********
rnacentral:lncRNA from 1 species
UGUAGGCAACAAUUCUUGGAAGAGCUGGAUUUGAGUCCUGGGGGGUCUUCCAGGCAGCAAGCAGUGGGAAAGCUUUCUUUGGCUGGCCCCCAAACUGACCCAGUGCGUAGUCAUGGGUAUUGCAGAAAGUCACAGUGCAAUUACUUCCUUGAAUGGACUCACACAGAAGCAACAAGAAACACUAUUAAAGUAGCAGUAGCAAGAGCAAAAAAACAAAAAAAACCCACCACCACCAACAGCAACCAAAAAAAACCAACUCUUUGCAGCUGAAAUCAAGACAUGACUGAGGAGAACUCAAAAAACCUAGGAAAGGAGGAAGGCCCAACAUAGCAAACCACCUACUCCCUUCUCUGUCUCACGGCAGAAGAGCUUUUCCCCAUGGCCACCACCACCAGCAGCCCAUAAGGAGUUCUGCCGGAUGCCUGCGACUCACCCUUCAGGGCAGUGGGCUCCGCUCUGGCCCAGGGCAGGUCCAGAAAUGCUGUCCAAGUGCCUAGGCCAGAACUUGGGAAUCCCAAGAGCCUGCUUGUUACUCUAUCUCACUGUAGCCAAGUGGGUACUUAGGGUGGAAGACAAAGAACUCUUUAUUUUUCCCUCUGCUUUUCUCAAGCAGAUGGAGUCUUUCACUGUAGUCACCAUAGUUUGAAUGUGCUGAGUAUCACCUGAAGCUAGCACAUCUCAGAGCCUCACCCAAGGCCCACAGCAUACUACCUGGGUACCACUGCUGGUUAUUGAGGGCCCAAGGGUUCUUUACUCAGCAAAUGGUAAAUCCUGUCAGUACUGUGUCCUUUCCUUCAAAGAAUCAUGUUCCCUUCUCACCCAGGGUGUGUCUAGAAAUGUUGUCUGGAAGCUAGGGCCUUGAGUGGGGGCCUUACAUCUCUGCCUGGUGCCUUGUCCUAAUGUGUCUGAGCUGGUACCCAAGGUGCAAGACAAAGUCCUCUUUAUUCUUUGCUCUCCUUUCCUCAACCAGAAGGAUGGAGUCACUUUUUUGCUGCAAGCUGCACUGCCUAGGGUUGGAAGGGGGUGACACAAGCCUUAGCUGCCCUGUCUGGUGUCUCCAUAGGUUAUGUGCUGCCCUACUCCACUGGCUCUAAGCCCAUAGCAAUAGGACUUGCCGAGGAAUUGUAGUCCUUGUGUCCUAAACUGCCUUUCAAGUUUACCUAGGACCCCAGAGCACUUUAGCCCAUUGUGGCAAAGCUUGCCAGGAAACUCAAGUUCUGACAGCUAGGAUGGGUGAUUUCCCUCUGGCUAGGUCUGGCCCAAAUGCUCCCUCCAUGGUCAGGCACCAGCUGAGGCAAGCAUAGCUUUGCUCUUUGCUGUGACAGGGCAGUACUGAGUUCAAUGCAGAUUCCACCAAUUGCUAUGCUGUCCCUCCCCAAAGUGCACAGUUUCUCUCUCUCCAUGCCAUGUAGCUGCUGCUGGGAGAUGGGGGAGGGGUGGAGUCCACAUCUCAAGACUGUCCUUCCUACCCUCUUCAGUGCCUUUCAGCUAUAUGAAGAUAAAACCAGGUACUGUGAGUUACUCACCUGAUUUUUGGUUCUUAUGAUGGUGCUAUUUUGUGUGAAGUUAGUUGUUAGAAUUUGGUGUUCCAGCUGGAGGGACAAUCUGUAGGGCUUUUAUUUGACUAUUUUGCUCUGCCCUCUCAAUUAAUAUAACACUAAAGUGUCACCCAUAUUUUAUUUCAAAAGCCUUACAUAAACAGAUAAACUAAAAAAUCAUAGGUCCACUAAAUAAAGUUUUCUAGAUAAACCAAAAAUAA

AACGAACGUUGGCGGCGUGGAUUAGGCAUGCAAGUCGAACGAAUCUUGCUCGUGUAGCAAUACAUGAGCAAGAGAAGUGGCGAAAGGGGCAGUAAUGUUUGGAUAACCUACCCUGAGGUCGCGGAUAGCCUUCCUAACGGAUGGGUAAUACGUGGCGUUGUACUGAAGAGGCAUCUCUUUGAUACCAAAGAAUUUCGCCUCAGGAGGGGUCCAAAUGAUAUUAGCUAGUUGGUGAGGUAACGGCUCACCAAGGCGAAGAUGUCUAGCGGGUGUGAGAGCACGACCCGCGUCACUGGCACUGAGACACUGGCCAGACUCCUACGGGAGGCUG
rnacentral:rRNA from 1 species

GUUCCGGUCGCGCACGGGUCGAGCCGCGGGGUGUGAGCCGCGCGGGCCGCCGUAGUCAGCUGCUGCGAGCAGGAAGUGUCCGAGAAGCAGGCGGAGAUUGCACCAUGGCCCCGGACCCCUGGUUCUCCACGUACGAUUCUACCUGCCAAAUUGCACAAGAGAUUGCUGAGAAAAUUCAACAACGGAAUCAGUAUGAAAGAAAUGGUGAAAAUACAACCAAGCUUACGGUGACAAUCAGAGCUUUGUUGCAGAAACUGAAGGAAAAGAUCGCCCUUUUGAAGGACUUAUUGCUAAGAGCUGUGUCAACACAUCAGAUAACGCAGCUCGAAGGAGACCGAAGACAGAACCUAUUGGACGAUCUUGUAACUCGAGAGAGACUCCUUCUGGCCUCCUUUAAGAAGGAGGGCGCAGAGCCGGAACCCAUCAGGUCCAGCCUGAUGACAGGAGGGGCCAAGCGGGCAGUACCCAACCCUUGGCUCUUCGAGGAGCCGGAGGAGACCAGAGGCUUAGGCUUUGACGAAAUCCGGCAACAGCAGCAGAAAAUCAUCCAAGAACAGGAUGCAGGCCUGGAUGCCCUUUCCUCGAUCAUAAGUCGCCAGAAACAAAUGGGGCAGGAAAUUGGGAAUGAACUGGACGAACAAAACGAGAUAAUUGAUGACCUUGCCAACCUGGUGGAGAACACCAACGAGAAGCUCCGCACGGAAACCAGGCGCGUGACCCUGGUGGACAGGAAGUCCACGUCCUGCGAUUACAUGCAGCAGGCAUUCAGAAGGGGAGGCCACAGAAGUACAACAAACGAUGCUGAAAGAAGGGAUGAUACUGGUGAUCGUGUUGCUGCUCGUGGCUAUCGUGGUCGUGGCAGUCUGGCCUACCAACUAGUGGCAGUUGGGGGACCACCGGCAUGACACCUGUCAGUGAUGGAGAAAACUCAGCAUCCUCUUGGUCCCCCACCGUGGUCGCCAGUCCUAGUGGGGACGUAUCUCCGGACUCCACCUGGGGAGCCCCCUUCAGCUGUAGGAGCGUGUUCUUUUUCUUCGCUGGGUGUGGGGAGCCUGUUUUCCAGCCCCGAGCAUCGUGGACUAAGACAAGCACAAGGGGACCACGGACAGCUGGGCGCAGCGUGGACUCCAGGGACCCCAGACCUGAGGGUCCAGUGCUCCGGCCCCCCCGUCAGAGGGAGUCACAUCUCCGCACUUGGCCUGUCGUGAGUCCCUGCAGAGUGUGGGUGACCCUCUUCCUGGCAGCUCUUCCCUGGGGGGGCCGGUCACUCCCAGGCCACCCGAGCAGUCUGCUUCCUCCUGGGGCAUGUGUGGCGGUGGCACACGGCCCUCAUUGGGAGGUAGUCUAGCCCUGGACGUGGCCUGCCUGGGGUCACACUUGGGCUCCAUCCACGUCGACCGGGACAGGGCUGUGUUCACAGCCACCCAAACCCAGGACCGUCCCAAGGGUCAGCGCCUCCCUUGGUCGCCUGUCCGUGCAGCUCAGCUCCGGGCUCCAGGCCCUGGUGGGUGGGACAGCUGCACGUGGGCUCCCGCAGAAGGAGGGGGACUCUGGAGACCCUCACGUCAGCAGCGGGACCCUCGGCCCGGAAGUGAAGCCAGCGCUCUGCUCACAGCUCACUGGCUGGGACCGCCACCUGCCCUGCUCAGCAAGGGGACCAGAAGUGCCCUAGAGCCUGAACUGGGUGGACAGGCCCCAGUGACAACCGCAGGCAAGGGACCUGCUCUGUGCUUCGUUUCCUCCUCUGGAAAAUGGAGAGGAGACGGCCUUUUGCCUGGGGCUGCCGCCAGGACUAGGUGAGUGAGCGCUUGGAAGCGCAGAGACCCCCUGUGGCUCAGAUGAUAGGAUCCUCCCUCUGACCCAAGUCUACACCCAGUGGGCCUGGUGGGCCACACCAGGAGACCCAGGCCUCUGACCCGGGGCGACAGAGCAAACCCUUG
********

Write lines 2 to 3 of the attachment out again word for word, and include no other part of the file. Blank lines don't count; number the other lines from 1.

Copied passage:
UGUAGGCAACAAUUCUUGGAAGAGCUGGAUUUGAGUCCUGGGGGGUCUUCCAGGCAGCAAGCAGUGGGAAAGCUUUCUUUGGCUGGCCCCCAAACUGACCCAGUGCGUAGUCAUGGGUAUUGCAGAAAGUCACAGUGCAAUUACUUCCUUGAAUGGACUCACACAGAAGCAACAAGAAACACUAUUAAAGUAGCAGUAGCAAGAGCAAAAAAACAAAAAAAACCCACCACCACCAACAGCAACCAAAAAAAACCAACUCUUUGCAGCUGAAAUCAAGACAUGACUGAGGAGAACUCAAAAAACCUAGGAAAGGAGGAAGGCCCAACAUAGCAAACCACCUACUCCCUUCUCUGUCUCACGGCAGAAGAGCUUUUCCCCAUGGCCACCACCACCAGCAGCCCAUAAGGAGUUCUGCCGGAUGCCUGCGACUCACCCUUCAGGGCAGUGGGCUCCGCUCUGGCCCAGGGCAGGUCCAGAAAUGCUGUCCAAGUGCCUAGGCCAGAACUUGGGAAUCCCAAGAGCCUGCUUGUUACUCUAUCUCACUGUAGCCAAGUGGGUACUUAGGGUGGAAGACAAAGAACUCUUUAUUUUUCCCUCUGCUUUUCUCAAGCAGAUGGAGUCUUUCACUGUAGUCACCAUAGUUUGAAUGUGCUGAGUAUCACCUGAAGCUAGCACAUCUCAGAGCCUCACCCAAGGCCCACAGCAUACUACCUGGGUACCACUGCUGGUUAUUGAGGGCCCAAGGGUUCUUUACUCAGCAAAUGGUAAAUCCUGUCAGUACUGUGUCCUUUCCUUCAAAGAAUCAUGUUCCCUUCUCACCCAGGGUGUGUCUAGAAAUGUUGUCUGGAAGCUAGGGCCUUGAGUGGGGGCCUUACAUCUCUGCCUGGUGCCUUGUCCUAAUGUGUCUGAGCUGGUACCCAAGGUGCAAGACAAAGUCCUCUUUAUUCUUUGCUCUCCUUUCCUCAACCAGAAGGAUGGAGUCACUUUUUUGCUGCAAGCUGCACUGCCUAGGGUUGGAAGGGGGUGACACAAGCCUUAGCUGCCCUGUCUGGUGUCUCCAUAGGUUAUGUGCUGCCCUACUCCACUGGCUCUAAGCCCAUAGCAAUAGGACUUGCCGAGGAAUUGUAGUCCUUGUGUCCUAAACUGCCUUUCAAGUUUACCUAGGACCCCAGAGCACUUUAGCCCAUUGUGGCAAAGCUUGCCAGGAAACUCAAGUUCUGACAGCUAGGAUGGGUGAUUUCCCUCUGGCUAGGUCUGGCCCAAAUGCUCCCUCCAUGGUCAGGCACCAGCUGAGGCAAGCAUAGCUUUGCUCUUUGCUGUGACAGGGCAGUACUGAGUUCAAUGCAGAUUCCACCAAUUGCUAUGCUGUCCCUCCCCAAAGUGCACAGUUUCUCUCUCUCCAUGCCAUGUAGCUGCUGCUGGGAGAUGGGGGAGGGGUGGAGUCCACAUCUCAAGACUGUCCUUCCUACCCUCUUCAGUGCCUUUCAGCUAUAUGAAGAUAAAACCAGGUACUGUGAGUUACUCACCUGAUUUUUGGUUCUUAUGAUGGUGCUAUUUUGUGUGAAGUUAGUUGUUAGAAUUUGGUGUUCCAGCUGGAGGGACAAUCUGUAGGGCUUUUAUUUGACUAUUUUGCUCUGCCCUCUCAAUUAAUAUAACACUAAAGUGUCACCCAUAUUUUAUUUCAAAAGCCUUACAUAAACAGAUAAACUAAAAAAUCAUAGGUCCACUAAAUAAAGUUUUCUAGAUAAACCAAAAAUAA

AACGAACGUUGGCGGCGUGGAUUAGGCAUGCAAGUCGAACGAAUCUUGCUCGUGUAGCAAUACAUGAGCAAGAGAAGUGGCGAAAGGGGCAGUAAUGUUUGGAUAACCUACCCUGAGGUCGCGGAUAGCCUUCCUAACGGAUGGGUAAUACGUGGCGUUGUACUGAAGAGGCAUCUCUUUGAUACCAAAGAAUUUCGCCUCAGGAGGGGUCCAAAUGAUAUUAGCUAGUUGGUGAGGUAACGGCUCACCAAGGCGAAGAUGUCUAGCGGGUGUGAGAGCACGACCCGCGUCACUGGCACUGAGACACUGGCCAGACUCCUACGGGAGGCUG